Lesson Objectives
  • Demonstrate an understanding of how to solve a system of linear equations in two variables using graphing
  • Demonstrate an understanding of how to solve a system of linear equations in two variables using substitution
  • Demonstrate an understanding of the addition property of equality
  • Learn how to solve a system of linear equations in two variables using elimination
  • Learn how to identify a system of linear equations in two variables with no solution
  • Learn how to identify a system of linear equations in two variables with infinitely many solutions

How to Solve a Linear System using Elimination


So far, we have learned how to solve a system of linear equations in two variables using graphing and substitution. In this lesson, we will learn another method known as "elimination". The goal of the elimination method is to eliminate one of the variables and obtain a linear equation in one variable. This allows us to get a solution for one of the variables. We can then use substitution to find the other unknown. The elimination method works best when one pair of variable terms are opposites, this means they will have opposite coefficients.

Solving a Linear System using the Elimination Method

  • Place both equations in standard form
    • ax + by = c
  • Transform one or both equations in such a way that one pair of variable terms are opposites
    • This means the variables will have opposite coefficients
  • Add the left sides of the equations and set this equal to the sum of the right sides, the result is a linear equation in one variable
    • This is legal since we are adding equal quantities to both sides of an equation
    • If a = b and c = d, then a + c = b + d
  • Solve the equation and find the other unknown using substitution
  • Check
      Plug in for x and y in both original equations
Let's look at a few examples.
Example 1: Solve each linear system using elimination
-5x + 3y = 18
5x - 2y = -12
Step 1) Place both equations in standard form.
In this case, both equations are in standard form. We will label our equations as 1 and 2.
1) -5x + 3y = 18
2) 5x - 2y = -12
Step 2) Transform one or both equations in such a way that one pair of variable terms are opposites.
In this case, we have -5x and 5x, which are opposites.
Step 3) Add the left sides of the equations and set this equal to the sum of the right sides. $$-5x + 3y = -12$$ $$\underline{+5x - 2y = -12}$$ The -5x and 5x will cancel: $$\require{cancel}\cancel{-5x} + 3y = 18$$ $$\underline{\cancel{+5x} - 2y = -12}$$ $$\hspace{4em}y = -24$$ On the left, we are left with (3y) + (-2y), which is just (y). On the right, we have (18) + (-12), which is (6).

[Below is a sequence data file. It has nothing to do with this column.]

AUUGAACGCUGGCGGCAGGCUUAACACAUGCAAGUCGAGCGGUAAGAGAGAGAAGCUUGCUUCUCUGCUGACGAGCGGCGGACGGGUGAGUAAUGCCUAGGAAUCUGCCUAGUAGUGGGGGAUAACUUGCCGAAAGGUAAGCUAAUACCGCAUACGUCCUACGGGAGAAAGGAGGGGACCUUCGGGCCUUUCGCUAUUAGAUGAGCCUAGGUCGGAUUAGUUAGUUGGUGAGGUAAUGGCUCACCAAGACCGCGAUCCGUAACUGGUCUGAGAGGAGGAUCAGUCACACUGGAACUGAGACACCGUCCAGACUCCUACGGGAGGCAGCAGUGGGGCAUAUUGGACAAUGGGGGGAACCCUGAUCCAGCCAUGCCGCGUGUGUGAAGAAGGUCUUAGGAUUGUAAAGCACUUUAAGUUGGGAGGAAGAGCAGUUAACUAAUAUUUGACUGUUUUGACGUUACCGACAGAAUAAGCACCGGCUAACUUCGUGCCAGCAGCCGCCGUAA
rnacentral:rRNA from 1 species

Step 4) Solve the equation and find the other unknown.
In this case, we already know that y is 6. Let's plug this in for y in one of the original equations. Let's choose to plug in for y in equation 1.
-5x + 3y = 18
-5x + 3(6) = 18
-5x + 18 = 18
-5x = 0
x = 0
Our solution is the ordered pair (0,6).
Step 5) Check.
-5x + 3y = 18
-5(0) + 3(6) = 18
18 = 18
5x - 2y = -12
5(0) - 2(6) = -12
-12 = -12
Example 2: Solve each linear system using elimination
4x + 10y = -22
5y = 5x - 25
Step 1) Place both equations in standard form.
We will also label our equations as 1 and 2.
1) 4x + 10y = -22
2) -5x + 5y = -25
Step 2) Transform one or both equations in such a way that one pair of variable terms are opposites.
In this case, we can multiply both sides of equation 2 by (-2). This will give us (10y) in equation 1 and (-10y) in equation 2.
2) 10x - 10y = 50
Step 3) Add the left sides of the equations and set this equal to the sum of the right sides. $$\hspace{.5em}4x + 10y = -22$$ $$\underline{10x - 10y = 50}$$ The 10y and (-10y) will cancel: $$\hspace{.5em}4x + \cancel{10y} = -22$$ $$\underline{10x - \cancel{10y} = 50}$$ $$14x \hspace{3em} = 28$$ On the left, we are left with (10x) + (6x), which gives us (14x). On the right, we have (-22) + (50), which is (28).
This leaves us with the equation:
14x = 28
Step 4) Solve the equation and find the other unknown.
14x = 28
x = 2
Let's plug a (2) in for x in equation 1.
4x + 10y = -22
4(2) + 10y = -22
(8) + 10y = -22
10y = -22 - 8
10y = -30
y = -3
Our solution is the ordered pair (2,-3).
Step 5) Check.
4x + 10y = -22
4(2) + 10(-3) = -22
8 + (-30) = -22
-22 = -22
5y = 5x - 25
5(-3) = 5(2) - 25
-15 = 10 - 25
-15 = -15
Example 3: Solve each linear system using elimination
-9y = 2x - 16
-7x = 22 + 12y
Step 1) Place both equations in standard form.
We will also label our equations as 1 and 2.
1) -2x - 9y = -16
2) -7x - 12y = 22